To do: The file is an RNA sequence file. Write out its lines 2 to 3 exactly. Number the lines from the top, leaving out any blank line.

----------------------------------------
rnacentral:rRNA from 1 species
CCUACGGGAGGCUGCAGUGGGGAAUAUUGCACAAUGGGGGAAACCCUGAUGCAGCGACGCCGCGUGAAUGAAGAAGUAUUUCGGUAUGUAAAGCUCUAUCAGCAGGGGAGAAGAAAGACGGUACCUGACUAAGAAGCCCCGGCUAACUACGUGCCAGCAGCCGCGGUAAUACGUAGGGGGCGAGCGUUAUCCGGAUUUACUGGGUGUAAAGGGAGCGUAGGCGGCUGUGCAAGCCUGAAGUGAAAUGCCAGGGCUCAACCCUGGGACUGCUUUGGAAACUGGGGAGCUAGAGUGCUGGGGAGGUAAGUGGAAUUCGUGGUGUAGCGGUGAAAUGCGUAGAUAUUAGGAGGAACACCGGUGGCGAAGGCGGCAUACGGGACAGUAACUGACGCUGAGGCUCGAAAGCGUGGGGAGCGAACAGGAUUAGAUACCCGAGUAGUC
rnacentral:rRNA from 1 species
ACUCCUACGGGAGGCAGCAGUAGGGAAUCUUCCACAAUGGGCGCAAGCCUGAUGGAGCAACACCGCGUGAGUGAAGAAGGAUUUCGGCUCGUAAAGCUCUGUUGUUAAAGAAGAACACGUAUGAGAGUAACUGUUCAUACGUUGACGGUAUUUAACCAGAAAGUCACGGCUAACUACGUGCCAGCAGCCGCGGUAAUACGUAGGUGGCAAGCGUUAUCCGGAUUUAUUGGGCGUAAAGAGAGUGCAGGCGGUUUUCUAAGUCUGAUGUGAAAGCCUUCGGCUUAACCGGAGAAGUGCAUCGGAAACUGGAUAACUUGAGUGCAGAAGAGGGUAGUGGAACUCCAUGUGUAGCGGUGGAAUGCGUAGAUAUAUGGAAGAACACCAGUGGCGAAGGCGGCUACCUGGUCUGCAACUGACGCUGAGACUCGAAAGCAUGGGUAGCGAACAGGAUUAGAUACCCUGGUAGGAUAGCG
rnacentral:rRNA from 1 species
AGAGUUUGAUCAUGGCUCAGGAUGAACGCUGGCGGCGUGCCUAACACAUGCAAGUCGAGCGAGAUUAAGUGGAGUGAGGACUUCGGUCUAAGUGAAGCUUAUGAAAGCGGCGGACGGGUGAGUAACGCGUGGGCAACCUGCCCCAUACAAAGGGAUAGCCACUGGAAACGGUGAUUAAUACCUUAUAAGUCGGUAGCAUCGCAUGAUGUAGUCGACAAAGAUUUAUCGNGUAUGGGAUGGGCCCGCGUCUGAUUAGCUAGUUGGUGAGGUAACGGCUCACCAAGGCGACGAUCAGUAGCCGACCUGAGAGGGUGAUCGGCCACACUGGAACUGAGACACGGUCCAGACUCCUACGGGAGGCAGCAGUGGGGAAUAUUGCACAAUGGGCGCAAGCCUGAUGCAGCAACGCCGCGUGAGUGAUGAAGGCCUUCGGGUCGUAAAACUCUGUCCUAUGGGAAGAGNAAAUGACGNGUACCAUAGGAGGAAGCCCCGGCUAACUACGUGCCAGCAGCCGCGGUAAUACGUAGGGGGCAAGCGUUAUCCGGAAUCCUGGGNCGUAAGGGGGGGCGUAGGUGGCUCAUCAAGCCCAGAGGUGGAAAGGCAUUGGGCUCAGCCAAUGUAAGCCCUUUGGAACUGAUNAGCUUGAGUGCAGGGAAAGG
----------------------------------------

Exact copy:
CCUACGGGAGGCUGCAGUGGGGAAUAUUGCACAAUGGGGGAAACCCUGAUGCAGCGACGCCGCGUGAAUGAAGAAGUAUUUCGGUAUGUAAAGCUCUAUCAGCAGGGGAGAAGAAAGACGGUACCUGACUAAGAAGCCCCGGCUAACUACGUGCCAGCAGCCGCGGUAAUACGUAGGGGGCGAGCGUUAUCCGGAUUUACUGGGUGUAAAGGGAGCGUAGGCGGCUGUGCAAGCCUGAAGUGAAAUGCCAGGGCUCAACCCUGGGACUGCUUUGGAAACUGGGGAGCUAGAGUGCUGGGGAGGUAAGUGGAAUUCGUGGUGUAGCGGUGAAAUGCGUAGAUAUUAGGAGGAACACCGGUGGCGAAGGCGGCAUACGGGACAGUAACUGACGCUGAGGCUCGAAAGCGUGGGGAGCGAACAGGAUUAGAUACCCGAGUAGUC
rnacentral:rRNA from 1 species